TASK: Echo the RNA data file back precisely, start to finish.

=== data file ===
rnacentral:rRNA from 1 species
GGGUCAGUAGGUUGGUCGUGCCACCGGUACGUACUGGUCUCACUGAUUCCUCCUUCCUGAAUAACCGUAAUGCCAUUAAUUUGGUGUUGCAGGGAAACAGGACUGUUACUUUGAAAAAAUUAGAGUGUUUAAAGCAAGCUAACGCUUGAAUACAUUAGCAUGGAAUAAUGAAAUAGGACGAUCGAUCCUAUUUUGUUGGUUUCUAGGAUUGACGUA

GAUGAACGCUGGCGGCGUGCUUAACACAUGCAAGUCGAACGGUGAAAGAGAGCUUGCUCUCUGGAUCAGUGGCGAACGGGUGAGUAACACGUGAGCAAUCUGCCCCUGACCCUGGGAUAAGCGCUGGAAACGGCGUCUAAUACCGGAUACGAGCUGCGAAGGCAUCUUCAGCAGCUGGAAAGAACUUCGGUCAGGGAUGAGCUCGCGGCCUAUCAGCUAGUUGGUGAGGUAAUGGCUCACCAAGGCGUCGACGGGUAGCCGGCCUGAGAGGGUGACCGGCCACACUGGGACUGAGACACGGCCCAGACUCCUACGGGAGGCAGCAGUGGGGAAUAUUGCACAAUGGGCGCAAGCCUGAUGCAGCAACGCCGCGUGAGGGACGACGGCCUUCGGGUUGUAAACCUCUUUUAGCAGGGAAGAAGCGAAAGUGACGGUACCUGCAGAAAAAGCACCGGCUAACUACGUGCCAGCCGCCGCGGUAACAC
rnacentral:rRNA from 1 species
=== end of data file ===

rnacentral:rRNA from 1 species
GGGUCAGUAGGUUGGUCGUGCCACCGGUACGUACUGGUCUCACUGAUUCCUCCUUCCUGAAUAACCGUAAUGCCAUUAAUUUGGUGUUGCAGGGAAACAGGACUGUUACUUUGAAAAAAUUAGAGUGUUUAAAGCAAGCUAACGCUUGAAUACAUUAGCAUGGAAUAAUGAAAUAGGACGAUCGAUCCUAUUUUGUUGGUUUCUAGGAUUGACGUA

GAUGAACGCUGGCGGCGUGCUUAACACAUGCAAGUCGAACGGUGAAAGAGAGCUUGCUCUCUGGAUCAGUGGCGAACGGGUGAGUAACACGUGAGCAAUCUGCCCCUGACCCUGGGAUAAGCGCUGGAAACGGCGUCUAAUACCGGAUACGAGCUGCGAAGGCAUCUUCAGCAGCUGGAAAGAACUUCGGUCAGGGAUGAGCUCGCGGCCUAUCAGCUAGUUGGUGAGGUAAUGGCUCACCAAGGCGUCGACGGGUAGCCGGCCUGAGAGGGUGACCGGCCACACUGGGACUGAGACACGGCCCAGACUCCUACGGGAGGCAGCAGUGGGGAAUAUUGCACAAUGGGCGCAAGCCUGAUGCAGCAACGCCGCGUGAGGGACGACGGCCUUCGGGUUGUAAACCUCUUUUAGCAGGGAAGAAGCGAAAGUGACGGUACCUGCAGAAAAAGCACCGGCUAACUACGUGCCAGCCGCCGCGGUAACAC
rnacentral:rRNA from 1 species